Usually when you ask for permission like this, they'll usually say no. Unless you plan on MASS PRODUCING THEM and selling them to stores, you should be okay.
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Old 11-24-2007, 06:22 AM   #59
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The first post in this thread was...

Quote:
I need to Contact Don Bellasario and/or somebody i can talk to about making Handlink Replicas. I can make them all i want and even trade for them however, in order to recieve cash for them i feel it would be best to at least ask Bellasario for permission. If there is anybody who can help please do! The Handlink has always been one of my Favorite Props!! I know alot of you feel the same so please help me Bring the Handlink into the hands of other fans!!! Even if you don't know how i can get a hold of Bellasario or the production company, then please feel free to at least give me some advice on how to create these without stirring up any legal problems. Thanks everybody!!
It was pointed out quickly that Universal was the holder of the IP rights. The gist of the question was thus

Quote:
how to create these without stirring up any legal problems.
The fact is that whether Universal decides to sue or not to sue, they have the RIGHT to sue. For the K.I.T.T.S cars, for Handlinks, and for anything else that they have IP rights to. They could sue people for writing fanfiction or making music vids (as could the artists whose songs are being used without their permission to be the music part of the vids) even though the creator is not making any money off of their creation (look at the legal warning on DVD's and CD's...it states that use without permission is strictly forbidden.) It may be fact that often times the IP rights holder choses not to go after the offender, but that does not negate the possibility that they COULD.

Several years ago (probably about 23 or so based on the age of my son,) you were able to get 'Mickey Mouse' on any birthday cake just about anywhere you wanted. After allowing this for many years, Disney decided to crack down on bakeries across the country that were doing so. They sent letters out to the bakeries saying if they didn't pay a licensing fee, they were not allowed to put any Disney character on any of their cakes. Now, most of those bakeries simply ceased to put Disney pictures on the cakes, much to the chagrin of many a parent (and children.) Eventually, many of the bakeries (especially in chain groceries) purchased the license and were able to start putting them on cakes again (at a slightly higher charge due to the need to generate the continuing licensing fee.) That was an example of Disney excercising their rights after not doing so for many years.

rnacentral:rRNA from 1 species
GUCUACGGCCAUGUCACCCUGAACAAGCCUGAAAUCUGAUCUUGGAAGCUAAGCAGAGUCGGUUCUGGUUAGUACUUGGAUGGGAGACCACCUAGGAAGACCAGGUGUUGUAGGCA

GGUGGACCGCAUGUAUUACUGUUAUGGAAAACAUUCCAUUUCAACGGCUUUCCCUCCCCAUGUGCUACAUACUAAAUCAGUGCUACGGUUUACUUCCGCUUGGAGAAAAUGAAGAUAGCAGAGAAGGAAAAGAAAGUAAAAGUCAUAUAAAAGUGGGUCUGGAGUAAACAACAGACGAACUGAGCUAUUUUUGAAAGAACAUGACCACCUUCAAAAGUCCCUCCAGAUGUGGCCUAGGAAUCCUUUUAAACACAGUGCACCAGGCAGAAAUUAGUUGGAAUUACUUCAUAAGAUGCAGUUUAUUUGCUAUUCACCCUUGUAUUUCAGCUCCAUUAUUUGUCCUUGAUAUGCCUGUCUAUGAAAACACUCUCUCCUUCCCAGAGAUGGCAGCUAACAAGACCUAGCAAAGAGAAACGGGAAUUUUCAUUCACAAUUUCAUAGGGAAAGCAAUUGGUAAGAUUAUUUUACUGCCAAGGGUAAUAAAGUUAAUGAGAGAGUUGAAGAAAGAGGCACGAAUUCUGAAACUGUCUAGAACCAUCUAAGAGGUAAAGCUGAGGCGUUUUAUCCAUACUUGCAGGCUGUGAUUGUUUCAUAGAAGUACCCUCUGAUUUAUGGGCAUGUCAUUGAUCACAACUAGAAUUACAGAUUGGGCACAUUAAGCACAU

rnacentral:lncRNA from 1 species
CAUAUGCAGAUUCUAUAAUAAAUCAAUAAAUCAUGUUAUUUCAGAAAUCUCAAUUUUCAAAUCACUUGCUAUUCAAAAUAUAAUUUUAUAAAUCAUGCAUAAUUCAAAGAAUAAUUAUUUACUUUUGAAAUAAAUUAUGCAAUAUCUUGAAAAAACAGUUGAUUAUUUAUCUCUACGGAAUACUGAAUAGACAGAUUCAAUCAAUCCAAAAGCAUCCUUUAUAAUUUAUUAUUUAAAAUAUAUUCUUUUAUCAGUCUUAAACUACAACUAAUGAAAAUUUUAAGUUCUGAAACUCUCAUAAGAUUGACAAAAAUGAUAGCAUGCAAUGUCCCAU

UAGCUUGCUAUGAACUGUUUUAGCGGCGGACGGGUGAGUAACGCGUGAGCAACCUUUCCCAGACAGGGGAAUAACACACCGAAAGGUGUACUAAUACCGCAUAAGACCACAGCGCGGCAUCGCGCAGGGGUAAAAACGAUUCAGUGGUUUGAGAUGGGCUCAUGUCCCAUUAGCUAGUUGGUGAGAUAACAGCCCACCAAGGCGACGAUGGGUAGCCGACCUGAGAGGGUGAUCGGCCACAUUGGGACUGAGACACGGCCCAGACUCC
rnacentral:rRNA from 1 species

The point is, most cases when IP rights violations have occurred never make it to court. Rather, if the IP holder sends a letter threatening legal action, most will comply and cease their activity. After all, if you were a little guy up against a big corporation and you KNEW you didn't have a legal leg to stand on, wouldn't you capitulate quickly?

So...you're right. NeuroMason could be quite safe in making handlinks and selling them. Universal COULD look the other way. Then again, Universal COULD decide to do something about it (and other things that are being done in violation of their IP rights if they so desired.) It would be wrong to mislead him and say that they just WON'T come after him. They might not but then again they might. It's a risk one takes.

I can say this, if Universal WERE to legally come after these types of violaters (the K.I.T.T.S and such,) those people wouldn't have a leg to stand on UNLESS they have purchased licenses or otherwise received permission. They are making money off of someone elses IP rights (just like the bakeries were with Disney characters on cakes.) That IS a violation of U.S. IP laws and as such is actionable.

Thus, I stand by what I've said. NeuroMason will have to decide what he wishes to do and accept whatever risks are inherrent in that decision (potential and current.) Risk is the probability of an event times the magnitude of consequesnce. Again, it's good to know what IP rights a person is trampling on so that they aren't surprised if one get called on it. The call may never come, but assuming that because the calls haven't been made in the past means they won't in the future is simply sticking your head in the sand.

So, NeuroMason, make your decision based on the calculated risk and the amount of risk you feel comfortable with. Only you can decide that.
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Old 11-25-2007, 09:59 AM   #60